Denys Wortman’s New York
Written & Illustrated by Denys Wortman
Edited by James Sturm & Brandon Elston
Published by Drawn & Quarterly
Collecting nearly 300 drawings of New York City during the 1930s and 1940s, Denys Wortman’s New York accomplishes many things – not the least of which is renewing interest in a nearly forgotten cartoonist. Wortman spent thirty years drawing cartoons for New York World, yet until just a few months ago, his work seemed relegated to history’s forgotten file folder. Fortunately, James Sturm – cartoonist and proprietor of the Center for Cartoon Studies – uncovered some of Wortman’s work, tracked down the cartoonist’s son, and found a massive trove of illustrations and drawings.
In Denys Wortman’s New York, readers are treated to page after page of nuanced pencil drawings – full of details which would never have reproduced in newsprint – depicting New York city in the middle of the 20th century. Wortman touches on most subjects, though he avoids anything that would court too much controversy. Dating, paying the bills, days at Coney Island and the beach, and neighborhood gossip are just a few of the subjects touched upon. Each illustration gets a full page, with a hand-written caption at the bottom. Captions range from humorous to tear-jerking – these weren’t necessarily gag cartoons. Wortman comments on a wide range of topics facing New Yorkers, including the omnipresent Depression that wore on the city during the first of the two decades covered in this volume.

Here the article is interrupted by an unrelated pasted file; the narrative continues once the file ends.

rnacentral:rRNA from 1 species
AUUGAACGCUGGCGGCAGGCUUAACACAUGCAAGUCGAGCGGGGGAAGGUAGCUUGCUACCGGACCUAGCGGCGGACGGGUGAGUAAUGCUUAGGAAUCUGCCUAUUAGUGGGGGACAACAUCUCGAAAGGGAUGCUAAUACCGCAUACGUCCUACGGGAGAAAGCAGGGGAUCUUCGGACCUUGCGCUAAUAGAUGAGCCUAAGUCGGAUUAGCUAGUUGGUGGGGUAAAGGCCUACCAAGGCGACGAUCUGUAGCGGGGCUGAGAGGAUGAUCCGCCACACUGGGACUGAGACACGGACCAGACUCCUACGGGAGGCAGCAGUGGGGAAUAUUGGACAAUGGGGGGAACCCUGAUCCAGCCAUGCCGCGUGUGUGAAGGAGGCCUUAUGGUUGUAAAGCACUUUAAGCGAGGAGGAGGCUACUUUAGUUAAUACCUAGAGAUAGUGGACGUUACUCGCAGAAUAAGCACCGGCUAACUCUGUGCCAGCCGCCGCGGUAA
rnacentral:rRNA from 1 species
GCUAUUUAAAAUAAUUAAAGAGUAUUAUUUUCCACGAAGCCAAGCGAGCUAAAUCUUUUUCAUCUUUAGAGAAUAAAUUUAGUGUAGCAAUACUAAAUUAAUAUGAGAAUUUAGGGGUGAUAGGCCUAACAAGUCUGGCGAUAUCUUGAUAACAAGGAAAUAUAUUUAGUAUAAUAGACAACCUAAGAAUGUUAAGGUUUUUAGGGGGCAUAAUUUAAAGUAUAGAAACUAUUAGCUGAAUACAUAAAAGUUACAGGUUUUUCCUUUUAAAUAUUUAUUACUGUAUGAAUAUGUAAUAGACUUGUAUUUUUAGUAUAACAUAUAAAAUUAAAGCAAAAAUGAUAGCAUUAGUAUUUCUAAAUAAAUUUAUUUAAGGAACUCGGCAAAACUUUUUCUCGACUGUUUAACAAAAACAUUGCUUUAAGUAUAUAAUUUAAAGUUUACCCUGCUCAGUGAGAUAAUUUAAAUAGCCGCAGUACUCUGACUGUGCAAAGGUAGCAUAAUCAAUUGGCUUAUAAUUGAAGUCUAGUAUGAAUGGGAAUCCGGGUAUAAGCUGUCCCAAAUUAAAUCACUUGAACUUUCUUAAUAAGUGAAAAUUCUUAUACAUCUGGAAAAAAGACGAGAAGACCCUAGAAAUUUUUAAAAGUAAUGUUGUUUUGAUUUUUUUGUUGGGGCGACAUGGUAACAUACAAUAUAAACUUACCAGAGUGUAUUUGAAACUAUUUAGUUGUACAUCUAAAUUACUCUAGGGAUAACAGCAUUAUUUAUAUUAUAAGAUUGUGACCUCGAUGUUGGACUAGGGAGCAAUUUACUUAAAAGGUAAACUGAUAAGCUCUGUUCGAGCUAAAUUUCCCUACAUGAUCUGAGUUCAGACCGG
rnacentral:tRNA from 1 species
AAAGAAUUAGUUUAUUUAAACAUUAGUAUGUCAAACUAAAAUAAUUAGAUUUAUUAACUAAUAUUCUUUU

While the captions are interesting and often quite insightful, the artwork stands out as the reason to own Denys Wortman’s New York. Simply put, Wortman was a master. Each drawing is carefully composed – using areas of light and dark, as well as compositional lines – to guide the reader through the densely packed details (from rooftop vistas to packed beaches), reaching the heart of each scene. Delicate pencil shadings add texture and nuance to each illustration.
Denys Wortman’s New York not only preserves the work of a nearly forgotten cartoonist – the book showcases gorgeous illustrations and carefully observed glimpses into the routines of urban American life. This work should not only be remembered; it should be studied, because it will be a highlight of anybody’s comics library.